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Some of the UK’s most promising student and graduate entrepreneurs were honoured last night as SETsquared held its annual Student Enterprise Awards last night (June 5).
Among the stars picking up gongs were young people solving third world sanitation problems, those changing the face of voting and students counting Jaguar Land Rover among their clients.
SETsquared is a partnership of the universities of Bath, Bristol, Exeter, Southampton and Surrey which, as well as incubating high-tech start-ups, encourages entrepreneurialism among students at the five institutions. Its Student Enterprise Awards, which take place every year, seek to honour the cream of the crop when it comes to business-minded students.
The student and graduate winners were:
TickBox from the University of Exeter (Best Student Start-Up and People’s Choice Award) – The business helps people to compare election candidates and was launched during the European elections in May. It has secured £50,000 of funding so far.
Instabear, from the University of Exeter (Best Graduate Start-Up) – The company provides instant photo printing services from social media sites like Facebook and Instagram. It counts Jaguar Land Rover and Jack Wills among its corporate clients and had a turnover of 60k in the year ending February 2014.
SanEco, from the University of Southampton (Best Social Enterprise) – The social enterprise helps tackle sanitation issues in Kenya while helping the people there earn a living. Among its schemes are toilets, which convert human waste into natural fertilisers and can be sold to farmers. Since its inception SanEco has helped more than 11,000 people.
Champions of student enterprise from each of the universities were also honoured and The University of Bristol also won an award for its Spark scheme, which aims to help create a new generation of entrepreneurs by putting business-minded students through an entrepreneurial ‘bootcamp’ course.
Simon Bond, Innovation Director at SETsquared, says the calibre of this year’s finalists reflects the improvements he has seen in student entrepreneurialism over the last five years.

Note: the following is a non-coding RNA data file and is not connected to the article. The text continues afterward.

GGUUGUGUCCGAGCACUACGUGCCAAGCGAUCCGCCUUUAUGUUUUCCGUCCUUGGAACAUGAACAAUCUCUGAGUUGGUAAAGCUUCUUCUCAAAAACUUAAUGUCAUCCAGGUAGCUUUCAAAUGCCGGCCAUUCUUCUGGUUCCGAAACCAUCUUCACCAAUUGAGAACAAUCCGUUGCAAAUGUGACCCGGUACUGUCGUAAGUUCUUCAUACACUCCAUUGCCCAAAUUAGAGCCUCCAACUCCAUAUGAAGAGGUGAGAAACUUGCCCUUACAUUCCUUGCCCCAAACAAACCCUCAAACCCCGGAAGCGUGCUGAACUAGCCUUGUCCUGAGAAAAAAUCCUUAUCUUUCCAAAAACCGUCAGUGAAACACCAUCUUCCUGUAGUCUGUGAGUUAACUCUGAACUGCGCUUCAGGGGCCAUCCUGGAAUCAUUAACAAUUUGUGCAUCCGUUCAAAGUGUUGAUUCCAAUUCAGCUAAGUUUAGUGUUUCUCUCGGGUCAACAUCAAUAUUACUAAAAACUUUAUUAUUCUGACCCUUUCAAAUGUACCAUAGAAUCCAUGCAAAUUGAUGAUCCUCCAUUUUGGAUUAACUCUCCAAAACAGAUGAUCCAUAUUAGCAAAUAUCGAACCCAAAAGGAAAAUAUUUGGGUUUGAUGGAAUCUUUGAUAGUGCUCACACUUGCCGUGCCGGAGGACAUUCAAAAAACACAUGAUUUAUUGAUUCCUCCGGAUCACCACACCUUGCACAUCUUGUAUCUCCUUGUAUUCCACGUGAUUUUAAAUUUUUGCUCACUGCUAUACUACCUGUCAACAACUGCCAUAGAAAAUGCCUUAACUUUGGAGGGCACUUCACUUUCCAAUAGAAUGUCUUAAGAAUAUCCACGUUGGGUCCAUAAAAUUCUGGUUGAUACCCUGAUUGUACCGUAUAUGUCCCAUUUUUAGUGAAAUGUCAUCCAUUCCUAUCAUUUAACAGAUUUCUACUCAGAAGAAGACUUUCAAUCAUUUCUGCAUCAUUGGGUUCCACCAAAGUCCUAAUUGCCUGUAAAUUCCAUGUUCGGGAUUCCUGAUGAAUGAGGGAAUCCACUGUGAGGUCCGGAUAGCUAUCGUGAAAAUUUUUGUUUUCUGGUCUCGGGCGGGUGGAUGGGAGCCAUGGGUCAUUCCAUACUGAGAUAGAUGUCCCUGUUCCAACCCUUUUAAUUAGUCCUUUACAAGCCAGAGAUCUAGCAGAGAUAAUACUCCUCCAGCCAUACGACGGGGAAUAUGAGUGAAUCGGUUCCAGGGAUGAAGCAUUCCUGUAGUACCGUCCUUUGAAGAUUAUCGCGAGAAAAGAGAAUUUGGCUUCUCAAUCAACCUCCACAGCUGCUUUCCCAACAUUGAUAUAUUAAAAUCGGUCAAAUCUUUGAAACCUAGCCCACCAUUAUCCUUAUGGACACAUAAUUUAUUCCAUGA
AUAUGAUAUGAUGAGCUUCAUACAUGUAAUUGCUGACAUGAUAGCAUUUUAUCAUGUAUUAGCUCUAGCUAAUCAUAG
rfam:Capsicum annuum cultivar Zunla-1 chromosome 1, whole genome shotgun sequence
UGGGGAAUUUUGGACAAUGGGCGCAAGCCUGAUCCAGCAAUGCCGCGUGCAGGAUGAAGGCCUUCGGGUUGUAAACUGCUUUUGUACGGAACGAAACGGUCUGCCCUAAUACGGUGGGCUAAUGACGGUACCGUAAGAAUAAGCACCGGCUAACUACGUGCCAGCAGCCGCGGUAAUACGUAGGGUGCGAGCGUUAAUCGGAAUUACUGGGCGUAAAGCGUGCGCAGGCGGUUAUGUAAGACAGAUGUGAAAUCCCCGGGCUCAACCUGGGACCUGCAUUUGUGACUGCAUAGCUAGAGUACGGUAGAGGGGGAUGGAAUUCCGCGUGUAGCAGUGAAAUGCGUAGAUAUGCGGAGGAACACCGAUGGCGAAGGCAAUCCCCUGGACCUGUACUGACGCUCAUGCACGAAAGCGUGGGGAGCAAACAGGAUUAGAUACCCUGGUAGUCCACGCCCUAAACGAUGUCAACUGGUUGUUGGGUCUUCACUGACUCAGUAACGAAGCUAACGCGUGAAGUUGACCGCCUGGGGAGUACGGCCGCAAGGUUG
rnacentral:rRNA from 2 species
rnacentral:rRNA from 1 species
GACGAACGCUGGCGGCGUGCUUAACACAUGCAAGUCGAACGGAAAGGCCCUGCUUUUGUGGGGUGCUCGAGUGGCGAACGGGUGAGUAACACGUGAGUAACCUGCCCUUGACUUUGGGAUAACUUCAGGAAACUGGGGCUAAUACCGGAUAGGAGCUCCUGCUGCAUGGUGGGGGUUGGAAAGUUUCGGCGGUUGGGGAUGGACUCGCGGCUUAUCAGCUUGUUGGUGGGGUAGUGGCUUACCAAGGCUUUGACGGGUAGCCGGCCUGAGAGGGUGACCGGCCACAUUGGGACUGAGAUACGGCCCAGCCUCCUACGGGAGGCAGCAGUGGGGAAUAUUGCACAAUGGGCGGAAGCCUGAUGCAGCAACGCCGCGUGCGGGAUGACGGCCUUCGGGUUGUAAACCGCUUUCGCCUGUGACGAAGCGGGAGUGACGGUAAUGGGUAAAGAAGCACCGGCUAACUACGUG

He said: “It is so encouraging to see young people being fearless in setting up their own businesses. Traditionally, the entrepreneurialism route has been seen as one of risk and students have steered away from it, favouring the relative comfort of climbing onto the rungs of the corporate ladder.
“A shift is beginning to emerge and figures from the Office for National Statistics show the number of self-employed young people has already risen by 71,000 since the start of the economic crisis. Perhaps this is evidence that programmes like Dragons’ Den, initiatives from the Government and projects such as our own could well be contributing to an increase in young entrepreneurs.”
Phil Cameron, a former University of Exeter student who produced award-winning theatre in London & New York and founded airport lounge business, No.1 Traveller, was the guest of honour at the awards and echoed Simon’s comments.
The entrepreneur added: “It’s inspiring to see so many young, enthusiastic entrepreneurs innovating and pursuing their ambitions, particularly in such a harsh job market.
“Starting a business which has any chance of success is hard – it needs vision and a thoroughness of execution – but more people can and should do it, because the rewards of steering a vision to commercial success is well worth the effort. My advice to any young entrepreneur would be to embrace the challenge and never compromise on the goal.”
Ben Bradshaw MP, who attended the awards, said: “It’s incredibly important for our country to nurture the next generation of entrepreneurs. Encouraging and helping young people to develop ideas and make commercial success of them is what will help us succeed as a country.”
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